Even with the Grasslands being humongous, there still feels like there’s plenty to do. I hoped in my September preview that there wasn’t too much empty space, and if anything I felt lost for time in trying to decide what to do. Unfortunately a gaming trope returns: the tower that unlocks things on the map, but you don’t have to do anything but connect to it here, with no extra platforming or mini-game. This opens up World Intel (thanks to Chadley returning in Rebirth to offer up more neat activities). There are things like moogle intel, fiend intel, and more, smaller scale missions that will help you level up and allow Chadley to create more materia for you, along with new lore.

This is only a bit of what you’ll find in the Grasslands. At the heart of Final Fantasy VII are the characters, and as such you’ll find side missions that really grab your attention. There were a few available, but the one I chose to do involved a little girl working at the chocobo ranch. Her mother and father had disappeared when they were younger, but the girl remembered her mother making flower crowns for them. She asks if you could go pick specific flowers from a specific area, and after a few battles on the way, you accomplish that exactly.

While this doesn’t sound like much, it’s one of the heartfelt stories that tug at your heartstrings and make this story human. It extends to the characters as well, with Aerith feeling for this girl and Cloud’s less grumpy personality starting to poke through the surface. I wrote in my review about Marvel’s Spider-Man 2 on how much the narrative meant to me, especially the side missions, because they didn’t throw them together, but made real and personal stories you could connect with. That is present in this specific Rebirth side mission, and I get the feeling it will exist throughout. These characters are already expertly crafted and voiced (the entire cast was knocking it out of the park the entire preview), and CBUI is capitalizing on it.

There’s also another piece to this: relationships. Depending on your choices your relationship with different characters will change, denoted by an emoji-like face. Certain actions are going to make them happy, like Aerith when I helped the girl with flowers, but others could anger or sadden them. I don’t have any examples of the latter, but I’d imagine there are many. The good news is this one was pretty telegraphed, with Aerith’s reaction to the mission’s reveal by the brother of the girl sounding her interest. You’ll most likely have an idea if you’re about to tick someone off, which is appreciated. I’d assume these actions will lead us to the date at the Golden Saucer, so be wary.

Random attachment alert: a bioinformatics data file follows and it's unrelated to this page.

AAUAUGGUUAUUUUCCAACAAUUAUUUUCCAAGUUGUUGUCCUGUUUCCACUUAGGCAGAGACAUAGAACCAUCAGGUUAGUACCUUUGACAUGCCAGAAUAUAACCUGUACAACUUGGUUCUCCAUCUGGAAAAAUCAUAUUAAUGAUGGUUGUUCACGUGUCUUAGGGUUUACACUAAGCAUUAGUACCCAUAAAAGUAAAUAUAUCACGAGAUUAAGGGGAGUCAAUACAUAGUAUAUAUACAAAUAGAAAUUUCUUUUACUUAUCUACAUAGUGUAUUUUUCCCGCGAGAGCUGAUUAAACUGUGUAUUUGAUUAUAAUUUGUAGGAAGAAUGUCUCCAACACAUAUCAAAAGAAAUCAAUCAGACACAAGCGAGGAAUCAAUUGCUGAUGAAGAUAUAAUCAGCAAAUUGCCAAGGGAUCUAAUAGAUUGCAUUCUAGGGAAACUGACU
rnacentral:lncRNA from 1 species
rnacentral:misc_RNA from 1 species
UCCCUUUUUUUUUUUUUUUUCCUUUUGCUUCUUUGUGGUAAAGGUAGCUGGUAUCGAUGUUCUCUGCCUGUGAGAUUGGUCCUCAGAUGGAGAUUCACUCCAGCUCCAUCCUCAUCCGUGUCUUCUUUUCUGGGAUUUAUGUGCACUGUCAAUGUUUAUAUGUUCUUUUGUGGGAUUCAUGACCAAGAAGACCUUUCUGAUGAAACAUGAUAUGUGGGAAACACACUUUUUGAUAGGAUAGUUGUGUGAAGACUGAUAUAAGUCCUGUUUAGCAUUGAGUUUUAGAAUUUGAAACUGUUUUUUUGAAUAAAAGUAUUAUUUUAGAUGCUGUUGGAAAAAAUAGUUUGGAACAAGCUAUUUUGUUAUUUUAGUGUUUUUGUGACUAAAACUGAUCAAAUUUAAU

Something really stuck with me at the end of the Grasslands, where you could engage with an intense boss. The fight itself is amazing, but I fell victim to it after a drawn out battle. Contrary to Remake, I didn’t feel like I was simply missing something. Instead, the thought of “I should go back into the world and level up” came through. This is something that was sorely missing in Remake, a core tenant of Final Fantasy. If you fight something tough, go back and level up until you can beat it. I love getting the old-school feel of Final Fantasy back, that grind that makes you feel accomplished when you finally defeat that foe that’s had your number.

Before we go, I wanted to touch on a few technical aspects of the game. As mentioned before, Rebirth is absolutely gorgeous. I spent my time in the graphics mode for the game, and didn’t feel like it impacted the experience at a lower frame rate. The performance mode did give that uptick in fps, but I noticed the visual downgrade right away. Whether a patch or two could help, time will tell, but I think playing in graphics mode will be the best experience. Also, Photo Mode seems to be available right at launch, so prepare for your social feeds being doused with FFVII Rebirth pics.

After a second time with Final Fantasy VII Rebirth, I again find myself longing to return. I’m replaying Remake, but after experiencing Rebirth, it feels like an appetizer. Appetizers are amazing, heck, I ordered one for my dinner the other night, but the incredible scale along with subtle and vivid improvements, have me hungry for the next course.

Final Fantasy VII Rebirth launches exclusively for PlayStation 5 on February 29th. You can pre-order a physical copy from Amazon here.

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David Burdette is a gamer/writer/content creator from TN and Lead Editor for Gaming Trend. He loves Playstation, Star Wars, Marvel, and many other fandoms. He also plays way too much Call Of Duty. You can chat with him on Twitter @SplitEnd89.